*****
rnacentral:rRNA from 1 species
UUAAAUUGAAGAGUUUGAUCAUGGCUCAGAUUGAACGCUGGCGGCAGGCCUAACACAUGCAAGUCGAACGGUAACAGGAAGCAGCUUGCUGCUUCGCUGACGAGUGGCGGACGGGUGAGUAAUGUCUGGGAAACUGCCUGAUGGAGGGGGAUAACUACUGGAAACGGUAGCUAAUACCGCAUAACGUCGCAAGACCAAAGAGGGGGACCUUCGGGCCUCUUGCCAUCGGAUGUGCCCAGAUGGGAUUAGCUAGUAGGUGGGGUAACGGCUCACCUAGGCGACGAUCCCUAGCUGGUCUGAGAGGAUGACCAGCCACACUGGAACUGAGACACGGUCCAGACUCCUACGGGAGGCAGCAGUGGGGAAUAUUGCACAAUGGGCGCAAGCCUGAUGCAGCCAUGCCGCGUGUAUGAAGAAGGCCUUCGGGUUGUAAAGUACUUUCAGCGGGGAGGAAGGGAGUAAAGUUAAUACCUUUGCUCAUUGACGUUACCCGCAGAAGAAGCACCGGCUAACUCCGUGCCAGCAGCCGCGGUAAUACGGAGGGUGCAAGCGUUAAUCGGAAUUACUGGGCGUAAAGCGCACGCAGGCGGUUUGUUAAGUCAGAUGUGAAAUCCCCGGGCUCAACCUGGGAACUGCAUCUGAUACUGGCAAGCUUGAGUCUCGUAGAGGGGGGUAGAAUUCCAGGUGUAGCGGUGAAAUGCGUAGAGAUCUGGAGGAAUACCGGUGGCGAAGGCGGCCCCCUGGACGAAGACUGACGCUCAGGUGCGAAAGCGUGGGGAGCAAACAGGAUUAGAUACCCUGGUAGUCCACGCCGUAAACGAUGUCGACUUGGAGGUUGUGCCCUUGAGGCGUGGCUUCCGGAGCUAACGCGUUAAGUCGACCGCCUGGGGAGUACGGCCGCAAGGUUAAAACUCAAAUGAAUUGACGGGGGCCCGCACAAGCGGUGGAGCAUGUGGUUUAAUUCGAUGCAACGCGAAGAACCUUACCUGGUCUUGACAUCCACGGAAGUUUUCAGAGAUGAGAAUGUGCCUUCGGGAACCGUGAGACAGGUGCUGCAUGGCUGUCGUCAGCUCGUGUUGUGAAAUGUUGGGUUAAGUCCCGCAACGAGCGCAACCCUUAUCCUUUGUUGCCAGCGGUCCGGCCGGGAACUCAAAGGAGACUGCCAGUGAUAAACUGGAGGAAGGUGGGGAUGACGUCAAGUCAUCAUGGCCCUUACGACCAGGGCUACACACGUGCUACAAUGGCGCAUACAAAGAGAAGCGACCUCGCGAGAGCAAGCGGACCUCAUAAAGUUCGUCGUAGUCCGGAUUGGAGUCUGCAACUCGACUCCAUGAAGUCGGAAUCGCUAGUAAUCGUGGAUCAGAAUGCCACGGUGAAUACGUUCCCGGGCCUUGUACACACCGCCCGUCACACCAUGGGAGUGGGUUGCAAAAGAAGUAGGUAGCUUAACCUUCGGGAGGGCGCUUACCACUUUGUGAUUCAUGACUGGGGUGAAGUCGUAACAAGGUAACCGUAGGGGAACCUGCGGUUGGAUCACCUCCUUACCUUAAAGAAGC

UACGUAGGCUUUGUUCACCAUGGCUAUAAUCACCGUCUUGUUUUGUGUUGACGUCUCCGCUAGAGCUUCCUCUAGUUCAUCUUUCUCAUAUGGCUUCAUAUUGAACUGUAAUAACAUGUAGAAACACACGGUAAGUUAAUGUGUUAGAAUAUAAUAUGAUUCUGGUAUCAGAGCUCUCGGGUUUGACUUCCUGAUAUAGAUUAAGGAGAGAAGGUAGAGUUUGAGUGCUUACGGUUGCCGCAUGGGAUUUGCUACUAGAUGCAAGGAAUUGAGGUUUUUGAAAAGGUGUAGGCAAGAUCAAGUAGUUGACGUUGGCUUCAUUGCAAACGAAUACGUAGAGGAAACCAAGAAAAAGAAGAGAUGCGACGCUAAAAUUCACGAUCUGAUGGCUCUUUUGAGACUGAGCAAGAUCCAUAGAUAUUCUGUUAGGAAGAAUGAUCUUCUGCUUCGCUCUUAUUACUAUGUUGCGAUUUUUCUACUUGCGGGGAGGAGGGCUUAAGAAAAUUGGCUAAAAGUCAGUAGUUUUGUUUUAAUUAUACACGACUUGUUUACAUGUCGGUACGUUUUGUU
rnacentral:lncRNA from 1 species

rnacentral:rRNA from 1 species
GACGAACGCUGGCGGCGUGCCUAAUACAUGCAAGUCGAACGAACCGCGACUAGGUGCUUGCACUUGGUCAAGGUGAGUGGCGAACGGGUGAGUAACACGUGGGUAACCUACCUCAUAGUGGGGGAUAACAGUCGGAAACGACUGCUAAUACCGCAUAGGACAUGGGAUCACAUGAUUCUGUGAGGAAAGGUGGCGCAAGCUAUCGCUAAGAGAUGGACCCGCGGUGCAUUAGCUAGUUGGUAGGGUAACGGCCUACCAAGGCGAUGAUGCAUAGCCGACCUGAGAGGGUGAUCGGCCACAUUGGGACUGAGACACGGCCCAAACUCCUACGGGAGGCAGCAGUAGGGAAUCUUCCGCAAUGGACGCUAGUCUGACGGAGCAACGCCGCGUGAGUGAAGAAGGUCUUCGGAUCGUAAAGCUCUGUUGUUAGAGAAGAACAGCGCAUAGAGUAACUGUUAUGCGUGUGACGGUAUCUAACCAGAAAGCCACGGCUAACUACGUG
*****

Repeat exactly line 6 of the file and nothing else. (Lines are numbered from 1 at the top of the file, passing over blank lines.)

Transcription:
GACGAACGCUGGCGGCGUGCCUAAUACAUGCAAGUCGAACGAACCGCGACUAGGUGCUUGCACUUGGUCAAGGUGAGUGGCGAACGGGUGAGUAACACGUGGGUAACCUACCUCAUAGUGGGGGAUAACAGUCGGAAACGACUGCUAAUACCGCAUAGGACAUGGGAUCACAUGAUUCUGUGAGGAAAGGUGGCGCAAGCUAUCGCUAAGAGAUGGACCCGCGGUGCAUUAGCUAGUUGGUAGGGUAACGGCCUACCAAGGCGAUGAUGCAUAGCCGACCUGAGAGGGUGAUCGGCCACAUUGGGACUGAGACACGGCCCAAACUCCUACGGGAGGCAGCAGUAGGGAAUCUUCCGCAAUGGACGCUAGUCUGACGGAGCAACGCCGCGUGAGUGAAGAAGGUCUUCGGAUCGUAAAGCUCUGUUGUUAGAGAAGAACAGCGCAUAGAGUAACUGUUAUGCGUGUGACGGUAUCUAACCAGAAAGCCACGGCUAACUACGUG